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Old Today, 08:20 AM
 
Location: SoCal
13,323 posts, read 6,375,629 times
Reputation: 9947

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a little bit ahead of the pack, but not much. At least my husband got 90% of his FRA.
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Old Today, 08:26 AM
 
Location: Sylmar, a part of Los Angeles
4,006 posts, read 2,554,397 times
Reputation: 8586
I retired and started collecting at 62 and never regretted it one second. You don't have to work!

Note I just hit 4,000 posts.
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Old Today, 08:58 AM
 
237 posts, read 65,462 times
Reputation: 498
I expect that ACA subsidies will cause at least a small push to taking SS at 65.
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Old Today, 10:00 AM
 
Location: Coastal New Jersey
56,250 posts, read 54,695,623 times
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Quote:
Originally Posted by numsgal View Post
It's easy enough to check what your actual SS payment will be. The lack of knowledge lies directly at the feet of those who don't take advantage of obtaining the facts around their benefit.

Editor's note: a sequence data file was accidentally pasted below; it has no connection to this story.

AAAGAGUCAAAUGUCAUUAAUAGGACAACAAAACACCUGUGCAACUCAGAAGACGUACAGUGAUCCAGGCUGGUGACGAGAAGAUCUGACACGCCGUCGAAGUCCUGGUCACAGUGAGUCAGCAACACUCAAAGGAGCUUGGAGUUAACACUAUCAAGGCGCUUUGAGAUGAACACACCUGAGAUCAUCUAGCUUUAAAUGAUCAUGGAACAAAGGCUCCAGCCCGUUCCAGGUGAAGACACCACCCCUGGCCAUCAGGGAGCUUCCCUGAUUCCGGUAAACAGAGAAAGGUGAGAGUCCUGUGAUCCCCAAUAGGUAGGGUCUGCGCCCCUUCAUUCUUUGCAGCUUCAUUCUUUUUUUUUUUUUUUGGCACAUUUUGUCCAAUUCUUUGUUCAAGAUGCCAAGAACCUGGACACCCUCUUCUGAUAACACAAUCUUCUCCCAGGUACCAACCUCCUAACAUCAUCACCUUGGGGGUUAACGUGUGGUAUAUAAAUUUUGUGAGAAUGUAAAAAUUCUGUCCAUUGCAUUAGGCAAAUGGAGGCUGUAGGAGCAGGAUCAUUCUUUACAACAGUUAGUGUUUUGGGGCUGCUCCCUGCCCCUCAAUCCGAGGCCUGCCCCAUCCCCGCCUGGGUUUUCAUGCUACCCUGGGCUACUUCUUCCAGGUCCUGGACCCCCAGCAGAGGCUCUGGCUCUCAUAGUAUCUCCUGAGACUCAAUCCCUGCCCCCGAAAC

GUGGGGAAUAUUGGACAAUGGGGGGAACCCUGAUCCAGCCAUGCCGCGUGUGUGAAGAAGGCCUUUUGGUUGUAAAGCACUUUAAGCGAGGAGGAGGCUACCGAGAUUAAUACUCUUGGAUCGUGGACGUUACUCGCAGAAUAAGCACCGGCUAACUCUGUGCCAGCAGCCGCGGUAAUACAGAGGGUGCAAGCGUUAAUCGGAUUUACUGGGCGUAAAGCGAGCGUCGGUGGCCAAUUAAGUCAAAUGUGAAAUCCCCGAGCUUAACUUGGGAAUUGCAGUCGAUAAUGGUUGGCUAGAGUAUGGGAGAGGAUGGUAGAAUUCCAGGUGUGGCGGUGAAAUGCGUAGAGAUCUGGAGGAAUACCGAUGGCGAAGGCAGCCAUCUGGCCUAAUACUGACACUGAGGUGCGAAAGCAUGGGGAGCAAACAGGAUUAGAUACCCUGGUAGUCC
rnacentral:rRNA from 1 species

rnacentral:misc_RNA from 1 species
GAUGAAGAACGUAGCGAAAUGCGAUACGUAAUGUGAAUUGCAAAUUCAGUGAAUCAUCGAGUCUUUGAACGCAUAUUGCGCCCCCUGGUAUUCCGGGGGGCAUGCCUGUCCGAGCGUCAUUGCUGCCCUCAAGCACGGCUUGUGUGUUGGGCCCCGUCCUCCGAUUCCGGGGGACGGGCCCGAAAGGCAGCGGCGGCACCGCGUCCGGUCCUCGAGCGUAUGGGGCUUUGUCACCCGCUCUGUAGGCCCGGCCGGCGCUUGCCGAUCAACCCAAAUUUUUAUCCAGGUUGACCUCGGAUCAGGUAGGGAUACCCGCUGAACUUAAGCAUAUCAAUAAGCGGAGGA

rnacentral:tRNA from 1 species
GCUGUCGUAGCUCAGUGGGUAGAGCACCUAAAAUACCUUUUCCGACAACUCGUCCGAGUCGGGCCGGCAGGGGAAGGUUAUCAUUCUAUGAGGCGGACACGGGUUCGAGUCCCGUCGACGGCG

Yes, that information is sent to everyone every year. I don't understand how people can claim to think it will be different from what they are told.
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Old Today, 10:34 AM
 
Location: Arizona
184 posts, read 112,531 times
Reputation: 739
Quote:
Originally Posted by mathjak107 View Post
Donít forget the numbers are skewed downward too ..many get a WEP REDUCTION so they get a small ss check and and a nice pension instead... others only get spousal with no work history of their-own so they drag down the average check for those who do have a record .
I don't follow?? The benefit for those who have a work record doesn't decline if someone else is collecting on that record and it doesn't increase if there was no spousal, ex-spousal benefits etc.

This looks like a very simple graph showing the range of benefits collected, the only two criteria's being, someone who gets ss benefits and how much they are.

Quote:
Originally Posted by mathjak107 View Post
Think about the person who has 2 or 3 ex spouses who collect off their record for their ss and survivor benefit ...should than not be counted as additional check amounts for the provider of those ex spouseís income too ?
You're talking about a whole different kind of graph. One that showed spousal benefits would have to show how much of those benefits were from their own contributions and how much was from spousal etc. A lot more complicated to set up although it would be interesting to see.
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Old Today, 10:36 AM
 
Location: SoCal
13,323 posts, read 6,375,629 times
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Quote:
Originally Posted by Mightyqueen801 View Post